The redevelopment plan for East Colfax Avenue is a welcome plus for the neighborhood providing residents with additional shopping and restaurants within walking distance such as Solera and the Ivy Café.  To the west, residents are already able to enjoy many different restaurants along 8th Avenue and Colorado Boulevard.

With the continued growth of East Denver and the planned communities at Lowry and Stapleton, in particular, Mayfair is a neighborhood that continues to evolve all the while maintaining its charm and character of the past.
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Author: Jennifer Collins

Monaco to Quebec, 6th to Colfax

What does the Montclair neighborhood have in common with the infamous “Red Baron” of World War I?  The answer lies in Baron Manfred von Richthofen—he was the uncle of the “Red Baron” and is considered the father of Montclair!

Richthofen arrived in Colorado from Germany in 1877.  He started the Downtown Denver Real Estate Company in 1881, was a novelist, and was also a founding member of the Denver Chamber of Commerce.  With Matthias P. Cochrane, Richthofen established the Montclair Town and Improvement Company in 1885 and began development.

Despite the clean air and comfortable distance from downtown, the Montclair neighborhood was not drawing residents.  The Baron decided to lead by example:  He built a castle of his own at 12th and Olive and promoted the creation of the Montclair ditch, which was a lateral of the Highline Canal, eventually flowing into Montclair Park.  The water supply enabled many flowers, trees, and shrubs to be planted and to thrive where the land had previously been essentially barren.

In addition, Richthofen lobbied for the Denver Tramway Company to build four streetcar lines on 6th, 8th, and 17th Avenues as well as Colfax.  Such convenient access to downtown was the beginning of the Montclair boom.  To promote Montclair as a prestigious neighborhood, building requirements were in place including using only brick or stone, planning for a minimum of two stories, and building on double size lots (measuring 50’ x 125’).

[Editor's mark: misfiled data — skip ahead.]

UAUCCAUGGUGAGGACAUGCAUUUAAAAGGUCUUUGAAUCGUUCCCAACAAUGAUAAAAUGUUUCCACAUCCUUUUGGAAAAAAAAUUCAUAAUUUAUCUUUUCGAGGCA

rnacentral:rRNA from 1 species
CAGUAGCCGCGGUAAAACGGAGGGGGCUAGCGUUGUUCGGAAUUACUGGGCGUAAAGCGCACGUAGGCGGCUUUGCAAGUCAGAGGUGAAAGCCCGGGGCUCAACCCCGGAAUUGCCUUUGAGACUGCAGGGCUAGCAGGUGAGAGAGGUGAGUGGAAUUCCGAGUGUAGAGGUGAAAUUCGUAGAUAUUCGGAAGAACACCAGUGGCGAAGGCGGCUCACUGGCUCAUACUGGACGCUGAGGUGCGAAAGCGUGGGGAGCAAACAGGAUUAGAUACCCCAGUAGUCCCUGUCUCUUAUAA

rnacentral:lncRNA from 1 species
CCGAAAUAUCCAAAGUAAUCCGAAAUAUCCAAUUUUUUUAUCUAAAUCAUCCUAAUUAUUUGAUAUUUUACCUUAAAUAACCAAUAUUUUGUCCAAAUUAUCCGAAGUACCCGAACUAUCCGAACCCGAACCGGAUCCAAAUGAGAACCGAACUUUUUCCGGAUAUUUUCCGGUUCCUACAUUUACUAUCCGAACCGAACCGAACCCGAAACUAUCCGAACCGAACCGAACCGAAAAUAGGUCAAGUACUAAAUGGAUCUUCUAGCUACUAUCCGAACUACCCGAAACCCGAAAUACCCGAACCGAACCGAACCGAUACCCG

With the Colorado Women’s College (1890) and the Fairmount Cemetery (1890), as well as the increasingly well-known reputation as a community for people suffering from lung-related illnesses, Montclair thrived.  It was also home to the National Jewish Hospital and Agnes Memorial Sanatorium, one of the largest tuberculosis treatment centers in Colorado.

Development halted after the 1893 Silver Crash but the stage had already been set for Montclair to grow as a gem within the heart of Denver.  Building continued providing a variety of architectural styles set on generously sized lots.  In 1975, the area bounded by 7th and 12th Avenues, from Newport to Pontiac, was designated as a Historic District.
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Park Hill

Author: Jennifer Collins

Albion to Monaco, Colfax to 23rd

Baron von Winckler, forced to leave his country in disgrace following a message delivery gone awry (read The Park Hill Neighborhood by Thomas Noel for details!), arrived in Denver in 1884.   With Baron von Richthofen, he bought a large tract of real estate east of City Park.  The partnership dissolved, but Winckler platted Park Hill (Colorado Boulevard to Dahlia, Montview to 26th) in 1887.

Creative in promoting his new neighborhood, the Baron built a horse racing track and imported fabulous horses and jockeys to lure investors.  He offered some of his property to be used for Colorado volunteers preparing for the Spanish-American War in 1898.  Frustrated by the development’s lack of progress, however, the Baron committed suicide in 1898. 

David B. Gamble led a syndicate that bought the Baron’s land holdings after his death and by 1912, Park Hill had become one of the most popular residential districts in Denver, with a population of 2,500